Milken Institute Global Conference Canadian CEO Dinner (Los Angeles, California)
Los Angeles, California, Monday, April 28, 2014
I am pleased to be here with you this evening. Thank you, Mr. Villeneuve, for hosting us here at the official residence of Canada.
One of the reasons I am here in Los Angeles this week is to take part in the Milken Global Conference, in which Canada plays an important role.
I would like to commend and congratulate the staff of the Consulate General here in Los Angeles for their work in broadening Canada’s participation in this conference over the past seven years. Thanks to their efforts, Canadian businesses have more opportunities to make an impact alongside some of the biggest names in the United States’ economy.
I look forward to sitting in on some of the discussions taking place tomorrow and meeting with Canadians and Americans who are working together to create success.
Joining us at tonight’s event are leaders from both Canada and the United States. You come from diverse places, and diverse fields, but you are all committed to one thing: the growth of Canada-U.S. trade and investment.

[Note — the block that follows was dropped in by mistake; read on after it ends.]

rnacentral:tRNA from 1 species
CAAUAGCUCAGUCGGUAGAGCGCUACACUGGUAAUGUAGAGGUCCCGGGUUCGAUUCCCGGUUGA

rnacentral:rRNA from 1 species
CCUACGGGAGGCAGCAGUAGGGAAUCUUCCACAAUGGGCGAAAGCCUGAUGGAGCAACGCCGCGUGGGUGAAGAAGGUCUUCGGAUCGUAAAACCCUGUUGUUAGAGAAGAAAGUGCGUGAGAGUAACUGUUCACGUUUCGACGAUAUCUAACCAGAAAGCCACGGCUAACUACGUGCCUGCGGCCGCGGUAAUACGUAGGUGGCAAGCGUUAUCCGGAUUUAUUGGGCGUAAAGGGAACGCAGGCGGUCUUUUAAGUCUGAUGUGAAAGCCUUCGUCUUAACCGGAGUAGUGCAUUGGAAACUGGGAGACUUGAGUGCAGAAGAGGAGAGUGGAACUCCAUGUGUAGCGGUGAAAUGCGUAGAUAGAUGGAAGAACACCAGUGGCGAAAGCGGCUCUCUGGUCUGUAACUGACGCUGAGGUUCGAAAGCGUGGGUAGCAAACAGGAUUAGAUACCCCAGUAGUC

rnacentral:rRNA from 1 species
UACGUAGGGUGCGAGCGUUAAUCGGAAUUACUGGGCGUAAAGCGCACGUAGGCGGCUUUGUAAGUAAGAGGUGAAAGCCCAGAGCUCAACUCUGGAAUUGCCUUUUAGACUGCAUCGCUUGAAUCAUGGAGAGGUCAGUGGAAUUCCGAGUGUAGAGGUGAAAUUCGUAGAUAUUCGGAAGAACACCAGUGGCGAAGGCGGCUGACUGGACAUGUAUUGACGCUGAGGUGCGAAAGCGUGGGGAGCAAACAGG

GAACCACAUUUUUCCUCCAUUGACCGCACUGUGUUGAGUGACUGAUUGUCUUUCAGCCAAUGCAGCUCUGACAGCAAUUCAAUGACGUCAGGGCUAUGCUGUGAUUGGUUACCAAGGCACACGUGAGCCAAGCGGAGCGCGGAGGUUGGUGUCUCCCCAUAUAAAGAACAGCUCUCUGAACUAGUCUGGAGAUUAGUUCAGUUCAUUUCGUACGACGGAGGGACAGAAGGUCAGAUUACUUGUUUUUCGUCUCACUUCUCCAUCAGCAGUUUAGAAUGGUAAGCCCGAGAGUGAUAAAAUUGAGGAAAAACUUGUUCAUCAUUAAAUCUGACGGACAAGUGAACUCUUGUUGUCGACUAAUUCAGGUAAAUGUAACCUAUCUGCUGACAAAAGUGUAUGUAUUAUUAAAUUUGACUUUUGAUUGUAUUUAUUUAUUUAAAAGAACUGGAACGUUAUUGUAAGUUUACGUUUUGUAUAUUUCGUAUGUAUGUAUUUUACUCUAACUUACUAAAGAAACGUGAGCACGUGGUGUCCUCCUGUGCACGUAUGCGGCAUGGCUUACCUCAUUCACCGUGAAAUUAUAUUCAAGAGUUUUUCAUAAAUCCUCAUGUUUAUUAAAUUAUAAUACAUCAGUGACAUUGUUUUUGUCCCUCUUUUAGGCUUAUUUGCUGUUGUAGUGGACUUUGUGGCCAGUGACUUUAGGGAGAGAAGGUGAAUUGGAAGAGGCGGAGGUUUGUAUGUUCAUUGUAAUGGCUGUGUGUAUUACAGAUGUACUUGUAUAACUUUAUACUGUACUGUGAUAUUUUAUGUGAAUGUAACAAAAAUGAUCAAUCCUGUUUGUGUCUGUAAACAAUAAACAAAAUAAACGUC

An evening like this—indeed a conference such as this one—is an excellent opportunity to engage in dialogue. After all, even with the advent of modern and sophisticated communication tools, nothing can replace face-to-face discourse.
And there is so much for us to discuss.
As some of the foremost business leaders in our two countries, you know quite well the sheer mass of trade between Canada and the United States. Although you may already be familiar with these numbers, I would like to highlight some of them:
- The Canada-U.S. bilateral trade relationship is worth more than $2 billion dollars per day.
- More than 8 million U.S. jobs depend on Canada-U.S. trade.
- Here in California, our bilateral trade in 2013 amounted to $43.1 billion; Canada is California’s second largest export market.
- California is a huge consumer of Canadian food, technology and energy.
- More than 1 million Canadians live, work and thrive in all areas of the Californian economy—including, if I may add, seeing as we are close to Hollywood, some of today’s leading actors, directors, producers and technical experts.
These numbers are simply staggering. It shows how interconnected our economies have become, and how important it is for us to succeed together, not just individually. So many people in both our countries rely on our close friendship, and California is one of the most important states in which this relationship is fostered.
However, these large numbers should not be an invitation for us to rest on our laurels. There are so many ways in which we can further our collaboration.
What, then, can Canada bring to the table?
Let me list some of the elements which make Canada a particularly attractive place to live, learn, work and do business in.